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Re: Call for review of WCAG 2.0 draft

From: William Loughborough <love26@gorge.net>
Date: Thu, 15 Feb 2001 18:25:53 -0800
Message-Id: <5.0.2.1.2.20010215174017.02b101a0@mail.gorge.net>
To: Anne Pemberton <apembert@erols.com>, <w3c-wai-gl@w3.org>
At 07:27 PM 2/15/01 -0500, Anne Pemberton wrote:
>Is your point is that we first have to devise the guidelines so "we" can 
>understand them, then we set about the task of making them understood by 
>the web-making public

Nope.

"We" *are* the "web-making" public. The "tree" I think Steven refers to 
springs from roots of abstract notions whose trunk/limbs/leaves can be 
understood at different levels by differently-indoctrinated climbers. Like 
a musical score can be as abstract as is permitted by the knowledge of the 
musicians.

The lengths to which one's explanatory efforts must go to get across the 
idea of such arcane notions as repurposing/transformation/equivalency 
depend on whether the reader is already aware of what is meant by "backward 
compatible" and "device independence" or how much experience she's had with 
synchronization of elements in a multimedia presentation.

When your sisters visit our site as people who have certain background 
information about Web design, the most important key to communicating with 
them is IMO that the site itself is "comfortable" and to this end I find 
something like http://rdf.pair/xguide.htm to be a more useful approach than 
http://www.w3.org/WAI/GL/WCAG20/ but others may do even better in that regard.

The document itself can be as impenetrable on its own as any "standard"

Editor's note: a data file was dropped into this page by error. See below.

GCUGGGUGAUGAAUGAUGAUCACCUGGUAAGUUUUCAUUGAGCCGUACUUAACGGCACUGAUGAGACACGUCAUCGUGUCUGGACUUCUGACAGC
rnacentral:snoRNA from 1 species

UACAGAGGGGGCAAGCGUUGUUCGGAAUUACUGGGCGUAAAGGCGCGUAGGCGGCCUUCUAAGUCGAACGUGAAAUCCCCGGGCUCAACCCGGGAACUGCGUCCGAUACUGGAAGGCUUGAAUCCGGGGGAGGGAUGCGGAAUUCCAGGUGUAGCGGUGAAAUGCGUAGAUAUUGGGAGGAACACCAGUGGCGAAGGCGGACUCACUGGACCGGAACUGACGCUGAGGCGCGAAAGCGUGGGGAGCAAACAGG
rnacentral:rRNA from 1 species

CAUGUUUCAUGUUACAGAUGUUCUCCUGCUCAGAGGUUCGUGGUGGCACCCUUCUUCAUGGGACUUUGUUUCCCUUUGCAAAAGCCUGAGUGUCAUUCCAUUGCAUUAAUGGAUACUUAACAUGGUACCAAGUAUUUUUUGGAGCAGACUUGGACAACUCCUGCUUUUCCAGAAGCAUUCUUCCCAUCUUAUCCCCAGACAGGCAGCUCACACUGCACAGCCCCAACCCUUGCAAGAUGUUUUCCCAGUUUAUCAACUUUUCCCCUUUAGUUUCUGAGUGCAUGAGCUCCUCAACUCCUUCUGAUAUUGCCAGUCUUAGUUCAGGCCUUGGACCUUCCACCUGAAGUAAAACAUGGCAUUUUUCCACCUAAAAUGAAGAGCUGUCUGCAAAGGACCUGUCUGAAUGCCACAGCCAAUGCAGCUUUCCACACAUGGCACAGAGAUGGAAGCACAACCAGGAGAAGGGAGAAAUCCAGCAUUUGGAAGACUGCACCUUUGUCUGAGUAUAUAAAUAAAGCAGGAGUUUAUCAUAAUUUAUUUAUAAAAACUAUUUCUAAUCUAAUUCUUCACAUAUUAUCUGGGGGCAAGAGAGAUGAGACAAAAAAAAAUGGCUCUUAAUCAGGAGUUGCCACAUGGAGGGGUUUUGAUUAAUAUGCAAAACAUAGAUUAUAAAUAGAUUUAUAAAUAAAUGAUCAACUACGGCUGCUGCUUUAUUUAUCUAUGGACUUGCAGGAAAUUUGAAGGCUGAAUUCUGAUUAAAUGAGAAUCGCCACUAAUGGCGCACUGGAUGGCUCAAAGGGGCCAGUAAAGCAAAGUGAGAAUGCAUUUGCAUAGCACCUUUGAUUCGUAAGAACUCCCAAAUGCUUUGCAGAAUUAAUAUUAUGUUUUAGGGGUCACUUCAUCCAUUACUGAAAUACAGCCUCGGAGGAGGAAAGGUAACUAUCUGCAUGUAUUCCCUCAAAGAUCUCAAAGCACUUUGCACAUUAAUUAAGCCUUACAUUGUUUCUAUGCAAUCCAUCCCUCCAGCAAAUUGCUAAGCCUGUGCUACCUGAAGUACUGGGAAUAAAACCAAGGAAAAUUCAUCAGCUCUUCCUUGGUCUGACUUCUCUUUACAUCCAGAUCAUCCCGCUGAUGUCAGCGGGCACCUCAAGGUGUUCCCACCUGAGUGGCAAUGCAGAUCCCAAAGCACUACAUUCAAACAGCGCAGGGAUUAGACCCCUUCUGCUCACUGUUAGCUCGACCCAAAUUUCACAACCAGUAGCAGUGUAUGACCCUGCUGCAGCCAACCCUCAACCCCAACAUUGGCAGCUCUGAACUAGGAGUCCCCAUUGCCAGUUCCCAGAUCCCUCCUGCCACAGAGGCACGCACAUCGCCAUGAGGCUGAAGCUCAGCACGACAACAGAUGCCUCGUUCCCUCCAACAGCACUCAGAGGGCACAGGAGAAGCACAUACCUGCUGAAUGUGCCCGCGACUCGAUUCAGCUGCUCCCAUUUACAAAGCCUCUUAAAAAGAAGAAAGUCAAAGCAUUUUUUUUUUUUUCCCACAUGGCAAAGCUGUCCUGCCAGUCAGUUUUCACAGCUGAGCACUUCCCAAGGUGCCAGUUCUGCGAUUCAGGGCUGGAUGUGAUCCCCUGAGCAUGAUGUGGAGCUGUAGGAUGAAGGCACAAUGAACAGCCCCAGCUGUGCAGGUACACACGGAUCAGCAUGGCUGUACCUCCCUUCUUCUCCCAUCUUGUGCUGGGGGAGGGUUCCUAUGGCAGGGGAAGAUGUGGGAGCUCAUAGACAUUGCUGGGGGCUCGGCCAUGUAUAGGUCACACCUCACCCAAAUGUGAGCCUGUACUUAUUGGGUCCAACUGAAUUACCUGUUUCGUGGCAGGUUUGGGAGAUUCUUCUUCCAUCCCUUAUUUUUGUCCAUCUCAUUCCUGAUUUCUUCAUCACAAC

written for specialists but just as the Declaration of Independence 
resonates better than the Constitution, they are both needed.

I hope there will be a guide that explains accessible Web design for 
first-grade students as well as one (probably a different one?) for 
computer science graduate students. Both will adhere to the same 
guidelines/checkpoints we're working on. The latter group are as put off by 
too-elementary a document as the former are by polysyllabic obfuscations 
engendered by...

The railroad drawing of an "annotated bogie" you pointed me to is an 
example of something that would be of little use to someone who already 
knows the field and is designing an integral part of a railroad truck, I 
think. However, it is very good for introducing a little down-to-earth 
orientation in the subject for people like hubby?

At any rate I've already forgotten exactly what I was trying to say in the 
subject email except that "to some extent" was what I thought of as an 
escape hatch. *I* am working on both of the above-referenced things and 
will probably try to make one that is at yet another level, perhaps even 
more fundamental?

One problem is that there is a level at which one must assume some 
"technical" know-how. The Authoring Tools Working Group is trying to get 
the tools positioned to automatically help produce accessible sites, e.g. 
when one uses a page layout or word processing program and "saves to Web", 
the user need not even know what <img alt="text"> means but will be asked 
for some words to explain what the image is to convey for those who won't 
see it or presents an array of icons/illustrations where appropriate.

The nature of WCAG is that it is written for people who design the tools, 
not *just* use them. The latter shouldn't even know that the engine has 
connecting rods, pistons, and a crankshaft - the former must have access to 
the particulars of designing those elements.

This is pragmatism, not elitism.

--
Love.
                 ACCESSIBILITY IS RIGHT - NOT PRIVILEGE
Received on Thursday, 15 February 2001 21:28:41 GMT

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